8. GVA

    GVA Minister of Fire

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    Only if it is a short to ground.
    Maybe you should put an AFC breaker in the panel as added protection?
  9. nshif

    nshif New Member

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    GVA is right if the short is not to ground (short to neurtal ) then it wont trip. A 20 amp AFCI breaker is your best protection. Are you sure you need a 20 amp circut in the bathroom, I only nedded 20 amp gfci in the kitchen and 13 amp gfci in the baths
  10. Jags

    Jags Moderate Moderator Staff Member

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    Code for my county only states that the bath must have a GFCI. Doesn't state amperage. Sorry if I misled you in any way Rhone. From a "safety" point of view, the 15 amp on a 12 ga circuit is more than adequate.
  11. Rhone

    Rhone Minister of Fire

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    Yeah, new code and I believe as of 2005 changed to require 20 amp GFCI protected circuits in bathrooms and bathrooms have to be on their own circuit. Has to do with the possible use of hair dryers in that location which range from 1200 to 1800 watts. Since a 15 amp circuit at most can handle 1800 watts, you can see the problem trying to run a 1800 watt hair dryer with the lights above your vanity going (which may often be 600+ watts of bulbs)... the hair dryer alone is putting you at max. A 20 amp circuit can handle some lights in addition to a hair dryer.

    I thought about AFCI's but I'm not confident they're any different the GFCI + normal breakers. They send AFCI's through 3 tests, first they see if it trips when shorted to ground. That's a ground fault, which is covered from a GFCI protected circuit they don't test for a neutral fault. Next test, they cut the wires and move the power closer to a ground until it creates an arc that draws 75 amps or more to see if it trips. Yikes, a 75+ amp arc will trip any 15 or 20 amp regular breaker as well. Last test, they use a guillotine and slice through the wires the resulting arc or not of doing such should trip the breaker if it draws 75 amps or more. Again, 75 amps+ is going to trip any normal breaker. They don't appear to offer any new protection vs. a regular breaker and GFCI outlet. Another question I have is, the neutral and grounds are connected to the same bus bar on most service panels, mine are. Wouldn't a short to neutral also be a short to ground, and vice versa since they're all connected together in the panel? I'm thinking a GFCI protected circuit will trip with either that being the case. I read this site which showed none of the AFCI's they tested did anything during any arcs not even severe ones.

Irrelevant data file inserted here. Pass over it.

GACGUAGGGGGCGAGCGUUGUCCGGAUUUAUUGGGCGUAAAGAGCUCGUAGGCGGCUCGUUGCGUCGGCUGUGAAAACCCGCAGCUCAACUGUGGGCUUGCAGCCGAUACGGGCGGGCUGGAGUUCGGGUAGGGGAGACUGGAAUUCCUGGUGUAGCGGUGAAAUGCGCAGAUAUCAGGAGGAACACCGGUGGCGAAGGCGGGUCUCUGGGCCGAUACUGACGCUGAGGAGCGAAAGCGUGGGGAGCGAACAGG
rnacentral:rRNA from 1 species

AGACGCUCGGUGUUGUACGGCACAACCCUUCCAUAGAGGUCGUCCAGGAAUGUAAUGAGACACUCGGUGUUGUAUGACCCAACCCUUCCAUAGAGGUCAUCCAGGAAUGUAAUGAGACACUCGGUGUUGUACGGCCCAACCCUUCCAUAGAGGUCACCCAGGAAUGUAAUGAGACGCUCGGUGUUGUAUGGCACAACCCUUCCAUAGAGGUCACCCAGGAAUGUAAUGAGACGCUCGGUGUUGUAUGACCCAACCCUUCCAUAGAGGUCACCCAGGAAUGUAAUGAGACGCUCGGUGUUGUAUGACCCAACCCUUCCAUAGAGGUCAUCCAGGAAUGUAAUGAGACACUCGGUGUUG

12. Jags

    Jags Moderate Moderator Staff Member

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    You are correct that neutral and ground are usually connected to the same buss bar in the box. Thus making them electrically identical. In our part of the world, especially for baths, we typically wire the light circuits, separate from the outlets, so maybe that is the difference.
  13. Rhone

    Rhone Minister of Fire

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    One of our bathrooms is that way, having lights on a seperate circuit in a bathroom may require the lights be on a GFCI also causing the need for 2 GFCI's. Depends if you want a light/fan in the shower/tub or not. When we remodelled our basement bathroom, it originally had 15 amp lights & fan. We gutted it, and put in a new fan & light in the tub/shower and added some other lights then wanted an outlet. Brought in an electrician as we weren't sure if basement wiring needs special stuff (in rainy New England basements can frequently be wet or have moisture problems). He came and told us he has to put in a 20 amp GFCI outlet and new run to the service panel, but the cheapest route is to use the existing wire for lighting it's all where he needs it. Otherwise he'd have to rewire the bathroom which will cost us. He said since we put the fan & light over the tub it has to be GFCI protected, do that through a GFCI breaker. So, that bathroom has a 15 amp GFCI breaker for the lighting, and a 20 amp GFCI outlet.